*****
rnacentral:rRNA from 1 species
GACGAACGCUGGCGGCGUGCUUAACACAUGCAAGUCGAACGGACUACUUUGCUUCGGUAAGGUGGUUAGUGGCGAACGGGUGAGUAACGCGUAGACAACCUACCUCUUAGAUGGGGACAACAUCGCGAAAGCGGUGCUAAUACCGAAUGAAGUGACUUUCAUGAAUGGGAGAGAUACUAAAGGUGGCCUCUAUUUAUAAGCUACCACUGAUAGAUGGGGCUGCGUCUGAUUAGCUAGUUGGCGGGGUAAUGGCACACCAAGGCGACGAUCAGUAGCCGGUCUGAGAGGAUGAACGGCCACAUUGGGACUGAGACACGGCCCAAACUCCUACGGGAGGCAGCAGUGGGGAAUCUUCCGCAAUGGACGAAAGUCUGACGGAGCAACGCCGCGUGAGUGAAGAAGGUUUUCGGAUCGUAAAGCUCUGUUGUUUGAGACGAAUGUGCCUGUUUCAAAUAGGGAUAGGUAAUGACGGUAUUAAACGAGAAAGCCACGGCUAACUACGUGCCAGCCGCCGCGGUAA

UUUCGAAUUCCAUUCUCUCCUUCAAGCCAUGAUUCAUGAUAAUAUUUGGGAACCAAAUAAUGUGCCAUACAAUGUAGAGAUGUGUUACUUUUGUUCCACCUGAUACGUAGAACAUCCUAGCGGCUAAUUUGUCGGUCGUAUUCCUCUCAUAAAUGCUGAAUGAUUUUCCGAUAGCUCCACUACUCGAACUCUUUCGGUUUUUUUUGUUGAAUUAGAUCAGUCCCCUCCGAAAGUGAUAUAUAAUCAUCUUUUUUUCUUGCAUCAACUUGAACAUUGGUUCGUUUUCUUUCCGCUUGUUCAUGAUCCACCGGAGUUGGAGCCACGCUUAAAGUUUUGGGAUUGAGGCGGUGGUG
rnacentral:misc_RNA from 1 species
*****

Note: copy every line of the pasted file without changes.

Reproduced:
rnacentral:rRNA from 1 species
GACGAACGCUGGCGGCGUGCUUAACACAUGCAAGUCGAACGGACUACUUUGCUUCGGUAAGGUGGUUAGUGGCGAACGGGUGAGUAACGCGUAGACAACCUACCUCUUAGAUGGGGACAACAUCGCGAAAGCGGUGCUAAUACCGAAUGAAGUGACUUUCAUGAAUGGGAGAGAUACUAAAGGUGGCCUCUAUUUAUAAGCUACCACUGAUAGAUGGGGCUGCGUCUGAUUAGCUAGUUGGCGGGGUAAUGGCACACCAAGGCGACGAUCAGUAGCCGGUCUGAGAGGAUGAACGGCCACAUUGGGACUGAGACACGGCCCAAACUCCUACGGGAGGCAGCAGUGGGGAAUCUUCCGCAAUGGACGAAAGUCUGACGGAGCAACGCCGCGUGAGUGAAGAAGGUUUUCGGAUCGUAAAGCUCUGUUGUUUGAGACGAAUGUGCCUGUUUCAAAUAGGGAUAGGUAAUGACGGUAUUAAACGAGAAAGCCACGGCUAACUACGUGCCAGCCGCCGCGGUAA

UUUCGAAUUCCAUUCUCUCCUUCAAGCCAUGAUUCAUGAUAAUAUUUGGGAACCAAAUAAUGUGCCAUACAAUGUAGAGAUGUGUUACUUUUGUUCCACCUGAUACGUAGAACAUCCUAGCGGCUAAUUUGUCGGUCGUAUUCCUCUCAUAAAUGCUGAAUGAUUUUCCGAUAGCUCCACUACUCGAACUCUUUCGGUUUUUUUUGUUGAAUUAGAUCAGUCCCCUCCGAAAGUGAUAUAUAAUCAUCUUUUUUUCUUGCAUCAACUUGAACAUUGGUUCGUUUUCUUUCCGCUUGUUCAUGAUCCACCGGAGUUGGAGCCACGCUUAAAGUUUUGGGAUUGAGGCGGUGGUG
rnacentral:misc_RNA from 1 species